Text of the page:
Investment Management Update | Key Themes Throughout March
Please note this blog post was published over 12 months ago and so may not include the most up-to-date information, for example where regulation around investing has changed.
The global economic recovery continues onwards at a quicker magnitude than initially expected. Vaccine rollout and additional fiscal stimulus provide support, with the OECD raising forecasts for global GDP to 5.6% from 4.2% for 2021.
Investors face a quandary, stronger economic growth, due to further stimulus and vaccine rollout, alongside the potential for higher inflation. In light of the above, sovereign bond prices have moved significantly and quickly with 10 year US Treasury yields rising from 0.91% at the start of the year to 1.73% (yields move inversely to price) . We believe these moves are justified with yields now at pre-pandemic levels but still low relative to history. Current yield levels are an expression of a move to normalisation driven by stronger growth.
We know there will be an inflationary impulse due to last year’s COVID-19 induced price falls which will test both central banks and investors’ reaction functions. It is impossible to second guess. Globally, central banks continue to offer support and indications are this is unlikely to change in the short term. We believe that global central banks will be both careful and credible in their messaging overall and they are in no hurry to raise rates, they want growth to take hold and be sustained.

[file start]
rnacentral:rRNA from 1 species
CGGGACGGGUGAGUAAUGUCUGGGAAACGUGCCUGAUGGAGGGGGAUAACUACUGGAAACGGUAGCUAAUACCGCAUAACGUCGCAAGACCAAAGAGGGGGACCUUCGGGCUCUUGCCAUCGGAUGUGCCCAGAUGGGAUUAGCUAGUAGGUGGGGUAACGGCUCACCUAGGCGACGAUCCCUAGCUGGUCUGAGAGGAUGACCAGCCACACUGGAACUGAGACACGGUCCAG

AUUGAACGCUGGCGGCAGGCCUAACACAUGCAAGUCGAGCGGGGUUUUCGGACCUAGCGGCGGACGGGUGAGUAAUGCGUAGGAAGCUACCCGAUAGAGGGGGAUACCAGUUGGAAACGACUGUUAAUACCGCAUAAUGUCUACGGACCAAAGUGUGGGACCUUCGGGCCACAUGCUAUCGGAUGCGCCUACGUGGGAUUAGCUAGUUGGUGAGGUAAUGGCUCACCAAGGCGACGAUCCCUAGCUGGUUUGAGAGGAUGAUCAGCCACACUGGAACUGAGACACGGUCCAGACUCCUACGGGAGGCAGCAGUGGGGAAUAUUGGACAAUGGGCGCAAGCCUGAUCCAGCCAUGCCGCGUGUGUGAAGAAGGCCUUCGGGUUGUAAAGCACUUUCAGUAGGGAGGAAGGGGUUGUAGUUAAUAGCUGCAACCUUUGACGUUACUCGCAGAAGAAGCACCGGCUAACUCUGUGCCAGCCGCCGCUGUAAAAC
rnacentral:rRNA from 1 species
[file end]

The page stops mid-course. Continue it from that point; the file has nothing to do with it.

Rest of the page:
All of these factors lead us to re-emphasise our central economic scenario of a cyclical recovery.
From an individual asset class perspective, discussion focussed on:
- Sovereign bond yields are currently not attractive enough for the True Potential manager cohort to increase positions. The current yield environment is acknowledged as low compared to history, but there is belief in the diversification benefits from holding the asset class. The key here is that the inverse correlation between bonds and equities needs to hold moving forward.
- Emerging market assets relative to developed market assets were discussed. Overall, our Portfolios have repositioned towards developed markets for both equities and bonds. China’s moves to stabilise their economy, US Dollar stabilisation/appreciation, and the potential for developed markets to see a stronger uplift in economic growth over the short term all support this thesis.
- Over the past six months, US smaller companies have become a larger part of the True Potential Portfolios with managers looking to this asset class as benefitting from the economic recovery. From a strategic perspective, the long-term view continues to be positive, but tactically positions have been reduced after the recent strong performance.
- Gold is viewed as less attractive with positions reduced. Higher real bond yields and US Dollar stabilisation have weighed on the asset class.
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